The tank 40 is provided in any suitable form and may be made from a range of suitable materials. For example, the tank 40 may be a standard cylindrical shape or may be shaped to better conform to its surroundings, particularly where space is at a premium. For example, the tank 40 may be shaped to fit along a building wall profiled to minimize interruption to pedestrian traffic or other uses of the surrounding space. The tank 40 is made from standard tank-forming materials, such as galvanized iron, and more preferably is made from a plastic material such as polycarbonate, polyethylene, polypropylene and the like. The tank 40 is preferably rota-molded to enable the shaping of the tank 40 to suit restricted or unusually shaped spaces. However, the tank 40 may be molded by other means, such as blow-molding.
The tank 40 capacity will generally correspond to the capacity of the reservoir and/or the filter 30. The reservoir shown in the drawings is a pool 60 (see FIG. 4). As an example, where the pool 60 is a typical domestic pool containing 40,000 liters of water, the arrangement 10 will require a settling tank 40 having a capacity of 4,000 liters. Where the reservoir is a domestic spa having a capacity of 6,000 liters, the arrangement 10 will require a settling tank capacity of about 600 liters. Where the tank 40 is relatively small in capacity (for example, 500-2,000 liters), advantageously, the tank 40 will be vertically elongate to give water-borne solid materials sufficient distance along a substantial vertical length to settle under the influence of gravity over time.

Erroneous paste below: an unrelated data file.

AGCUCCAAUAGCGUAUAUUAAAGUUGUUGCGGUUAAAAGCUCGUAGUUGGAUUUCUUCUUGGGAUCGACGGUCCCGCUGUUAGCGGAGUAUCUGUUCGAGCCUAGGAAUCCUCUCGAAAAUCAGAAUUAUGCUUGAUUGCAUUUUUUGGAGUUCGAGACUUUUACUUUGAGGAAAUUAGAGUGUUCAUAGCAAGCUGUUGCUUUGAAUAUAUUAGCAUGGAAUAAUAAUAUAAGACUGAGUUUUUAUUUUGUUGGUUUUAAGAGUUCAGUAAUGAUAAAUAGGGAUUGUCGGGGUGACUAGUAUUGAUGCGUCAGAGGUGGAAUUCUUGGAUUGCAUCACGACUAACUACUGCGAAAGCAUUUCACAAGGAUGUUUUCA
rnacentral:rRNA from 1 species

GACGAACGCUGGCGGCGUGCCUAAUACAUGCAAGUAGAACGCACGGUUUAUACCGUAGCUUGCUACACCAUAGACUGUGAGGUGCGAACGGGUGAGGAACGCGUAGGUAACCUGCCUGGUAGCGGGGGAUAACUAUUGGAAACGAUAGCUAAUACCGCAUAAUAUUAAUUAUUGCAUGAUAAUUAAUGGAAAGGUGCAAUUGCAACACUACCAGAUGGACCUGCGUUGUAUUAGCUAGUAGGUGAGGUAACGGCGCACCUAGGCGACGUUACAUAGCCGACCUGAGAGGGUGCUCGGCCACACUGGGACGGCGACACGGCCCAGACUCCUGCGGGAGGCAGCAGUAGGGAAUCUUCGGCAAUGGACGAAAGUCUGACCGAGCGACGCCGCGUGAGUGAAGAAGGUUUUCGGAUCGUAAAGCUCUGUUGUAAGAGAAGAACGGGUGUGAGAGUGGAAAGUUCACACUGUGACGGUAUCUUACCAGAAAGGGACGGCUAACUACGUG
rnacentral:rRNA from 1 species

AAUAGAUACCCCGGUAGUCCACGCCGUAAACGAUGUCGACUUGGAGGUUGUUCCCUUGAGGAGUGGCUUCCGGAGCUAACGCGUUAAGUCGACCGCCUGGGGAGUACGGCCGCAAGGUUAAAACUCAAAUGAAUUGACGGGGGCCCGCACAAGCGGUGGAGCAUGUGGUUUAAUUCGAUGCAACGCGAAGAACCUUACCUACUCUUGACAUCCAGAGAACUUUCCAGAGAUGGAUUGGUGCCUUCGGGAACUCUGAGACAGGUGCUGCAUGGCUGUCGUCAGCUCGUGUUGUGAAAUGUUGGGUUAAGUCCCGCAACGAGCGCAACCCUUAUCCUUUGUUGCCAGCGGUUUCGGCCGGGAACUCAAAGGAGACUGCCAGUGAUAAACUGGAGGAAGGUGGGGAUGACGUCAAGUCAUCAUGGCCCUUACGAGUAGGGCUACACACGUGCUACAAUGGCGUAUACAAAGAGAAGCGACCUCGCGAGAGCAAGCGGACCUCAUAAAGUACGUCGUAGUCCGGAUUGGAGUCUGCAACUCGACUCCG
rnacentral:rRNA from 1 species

This settling process has the affect of achieving a separation of clean, reusable water comprising the 80 to 90% uppermost portion of the water in the tank 40 on completion of the settlement process. The remaining lowermost 10 to 20% portion of the contents at the base 52 of the tank 40 may be composed of sediment and slime associated with the disposable product of water filtered by the arrangement 10. If left unaided, water-borne solid particles will tend to settle by the influence of gravity at the base 52 of the body of water in the tank 40 in order to achieve distinct clean water and sedimentary or colloidal phases over a period of about two to three days. Even very fine particles of silt will tend to migrate to the base 52 despite the presence of micro currents and movement occasioned by temperature variations across the length of the tank 40 and bumps and vibrations that the tank 40 may be exposed to, depending on its location.
The tank includes a recycling inlet 42 that is positioned to deliver backwash water into the tank 40 at an upper portion of the tank 40 and at least at a height from between 25 and 95% of the height of the tank 40 taken from its base 52. The lower the capacity of the pump 20 to force water against pressure, the higher up the tank 40 wall the recycling inlet 42 should be. The reason for this is that as the tank 40 fills with backwash water, the water pressure in the lower regions of the tank 40 increases, and further water must be pressurized to be forced into the tank 40 once the water rises above the recycling inlet 42. The recycling inlet 42 may be positioned uppermost in or through the wall 50 of the tank 40, and most preferably in or through the roof or lid 51 of the tank 40 (as shown in FIG. 4), to minimize pressure resistance that might otherwise lead to back-flow pressure in a filter-tank line 31, 33 joining the filter 30 to the tank 40. Advantageously, a selectively directional check valve 34 is placed in line in the recycling inlet line to prevent backwash flowing back towards the filter 30 from the tank 40.